Stealthy Warhound Titan Princeps







Interesting what the water tight doors looked like. I'd never seen that type before. Good job getting the hull to line up - I often have trouble with that kind thing. What does a Bilge Rail do?

Thanks for posting!
   
Made in ca
Longtime Dakkanaut





Surrey, BC - Canada

Briancj wrote:Can you shoot me a picture of what the clips-in-question look like?

Thanks!

Briancj,

Butterfly clips is another name for a wing nut. They are used to dog down the bolts that hold a hatch cover down and try to make them watertight, so imagine very large wing nuts. They look like this

Thank you for your comments MajorTom11 and amazingturtles.

kestral wrote:Interesting what the water tight doors looked like. I'd never seen that type before. Good job getting the hull to line up - I often have trouble with that kind thing. What does a Bilge Rail do?

Thanks for posting!

kestrel,

Today a water tight door will have a wheel that as you rotate it, it pushes in the bars that dog down the door and even out the stress points if it comes under pressure. The old water tight doors that these ships used were the old fashioned version with each handle having to be manually turned [dogged] to secure that portion of the door to make it secure...very cumbersome and time consuming.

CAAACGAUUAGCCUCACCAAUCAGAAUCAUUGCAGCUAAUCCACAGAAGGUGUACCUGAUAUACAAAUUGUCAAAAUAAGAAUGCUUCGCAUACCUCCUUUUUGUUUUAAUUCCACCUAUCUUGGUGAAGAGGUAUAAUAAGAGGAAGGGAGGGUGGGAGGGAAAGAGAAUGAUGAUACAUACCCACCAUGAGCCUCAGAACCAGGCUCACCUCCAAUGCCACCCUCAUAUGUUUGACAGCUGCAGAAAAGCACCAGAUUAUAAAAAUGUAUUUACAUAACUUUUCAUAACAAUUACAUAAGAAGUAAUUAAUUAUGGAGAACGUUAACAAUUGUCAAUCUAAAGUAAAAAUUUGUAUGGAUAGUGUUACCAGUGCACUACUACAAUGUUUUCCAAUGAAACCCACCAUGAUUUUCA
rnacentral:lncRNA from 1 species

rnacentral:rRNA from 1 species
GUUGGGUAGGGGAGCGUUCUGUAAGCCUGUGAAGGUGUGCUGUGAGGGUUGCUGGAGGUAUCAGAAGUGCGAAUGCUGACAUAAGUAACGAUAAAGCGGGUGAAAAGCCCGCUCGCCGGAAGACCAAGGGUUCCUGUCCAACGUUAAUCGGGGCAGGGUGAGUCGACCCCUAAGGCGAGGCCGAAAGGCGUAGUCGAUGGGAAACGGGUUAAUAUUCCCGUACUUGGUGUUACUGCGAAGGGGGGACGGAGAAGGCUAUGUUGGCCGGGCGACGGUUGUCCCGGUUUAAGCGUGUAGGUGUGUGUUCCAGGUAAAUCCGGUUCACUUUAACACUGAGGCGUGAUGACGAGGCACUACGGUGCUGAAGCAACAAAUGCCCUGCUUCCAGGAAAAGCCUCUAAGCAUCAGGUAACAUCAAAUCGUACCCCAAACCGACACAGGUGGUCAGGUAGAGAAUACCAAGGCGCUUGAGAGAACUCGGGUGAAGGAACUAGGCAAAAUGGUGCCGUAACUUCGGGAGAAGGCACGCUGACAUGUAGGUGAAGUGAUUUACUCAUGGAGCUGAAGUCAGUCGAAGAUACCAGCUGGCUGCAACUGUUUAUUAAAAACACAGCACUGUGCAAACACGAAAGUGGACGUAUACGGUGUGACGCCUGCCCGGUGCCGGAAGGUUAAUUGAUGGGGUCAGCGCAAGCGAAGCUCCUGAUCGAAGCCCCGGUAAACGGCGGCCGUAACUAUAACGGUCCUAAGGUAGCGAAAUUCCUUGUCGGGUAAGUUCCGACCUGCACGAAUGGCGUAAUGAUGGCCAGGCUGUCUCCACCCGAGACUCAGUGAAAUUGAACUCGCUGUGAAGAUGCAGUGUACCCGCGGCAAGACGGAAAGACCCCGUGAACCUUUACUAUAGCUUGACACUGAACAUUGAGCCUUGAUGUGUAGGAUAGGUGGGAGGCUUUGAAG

And a little more progress, still doing small bits at one time, mainly because I have to clear my construction area after every session.

Here are the 4 large ventilators getting new reinforcing bands (removed the raised plastic kit portion, which was out of scale with a dremel). Top bands are 0.015 by 0.125 with a 0.010 by 0.080 on top. The base band was a 0.015 by 0.060 strip.

Next I will use the brown plastic rods that the kit supplied for railings to make the controlling gear (for turning the ventilators into and out of the wind...or sea in the case of Corvettes crossing the Atlantic)...not sure if I want to go all the way and make a notched top band.

I also glued in the scuttles with epoxy (I did this to prevent plastic cement distorting the clear plastic) and placed electricians tape behind them to help keep them fixed. Then I added the forward deck of the focsle and added some 0.010 thickness styrene rolled and pushed through the deck to make hawse pipes. Right now they looked like my Corvette has tissue up it's 'nose'.



So next up was the funnel, the kit version is a really plain tube with a rounded band about four fifths up the stack…the instructions suggest you drill four holes through it and tie the supporting stays through the holes and there are a few plastic pieces to add to represent steam pipes, whistle, etc. But that is it, while the pictures of the funnels show some fairly prominent riveting, so I had to do better.